Imagine a world where the Southwest's drought rages on.
Water becomes increasingly more expensive, and a luxury for the wealthy.
A cottage industry pops up to find new sources of water, at any cost.
That's the kind of dystopian world Paolo Bacigalupi imagines in his new novel "The Water Knife."
Bacigalupi told KNPR's State of Nevada that he was inspired by many things, but the real moment when he decided to write the novel was when he was in Texas in 2011 during the severe drought.
I wasn't standing a drought, he said, What I was actually doing was time traveling.
He said what was happening in Texas, and what is happening now in many parts of the Western United States, had been predicted by climate scientists.
"This was the new normal," Bacigalupi said.
The writer said water use has always been the center of battles, especially in the Southwest.
"We always have conflicts over water and how much water we have and what's the highest use of it and who owns it and where are we going to focus it," Bacigalupi said.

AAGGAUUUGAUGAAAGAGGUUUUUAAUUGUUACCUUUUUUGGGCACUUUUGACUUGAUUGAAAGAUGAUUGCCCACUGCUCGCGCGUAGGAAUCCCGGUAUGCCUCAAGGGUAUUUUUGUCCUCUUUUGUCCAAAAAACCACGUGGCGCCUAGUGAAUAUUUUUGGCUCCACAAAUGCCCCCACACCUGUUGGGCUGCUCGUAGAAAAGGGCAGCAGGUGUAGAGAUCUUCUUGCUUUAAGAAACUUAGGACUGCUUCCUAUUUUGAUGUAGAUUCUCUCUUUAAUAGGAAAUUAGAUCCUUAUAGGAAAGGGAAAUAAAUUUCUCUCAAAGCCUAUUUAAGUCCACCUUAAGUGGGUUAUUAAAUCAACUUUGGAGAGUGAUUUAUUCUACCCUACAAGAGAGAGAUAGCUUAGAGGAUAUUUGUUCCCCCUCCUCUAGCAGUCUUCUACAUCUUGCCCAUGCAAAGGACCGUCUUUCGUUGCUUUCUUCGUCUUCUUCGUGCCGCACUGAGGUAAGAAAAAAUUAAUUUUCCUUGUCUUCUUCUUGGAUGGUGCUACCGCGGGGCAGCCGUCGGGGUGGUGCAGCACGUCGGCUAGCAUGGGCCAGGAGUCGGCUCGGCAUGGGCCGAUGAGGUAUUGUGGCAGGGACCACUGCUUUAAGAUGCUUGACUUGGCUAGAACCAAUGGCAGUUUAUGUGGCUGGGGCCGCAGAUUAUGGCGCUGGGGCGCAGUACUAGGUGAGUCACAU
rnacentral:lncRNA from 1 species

He pointed to the debate over urban use versus agriculture of water in California.
Bacigalupi said he gets inspiration to write from what is going on around him and then pushes it further.
"It is actually looking at some trend or some present moment and asking again and again, 'well, let's extrapolate this out. Let's make it worse. Let's make it bigger,'" he said.
When he asks those questions, he is trying to "provide context for our present moment."
Right now, water still runs out of the tap and until it doesn't, Bacigalupi said water scarcity will remain an abstract concept from many.
From NPR Book Review: 'The Water Knife' Cuts Deep
(Editor's note: This story originally aired May 2015)
Paolo Bacigalupi, author, "The Water Knife"
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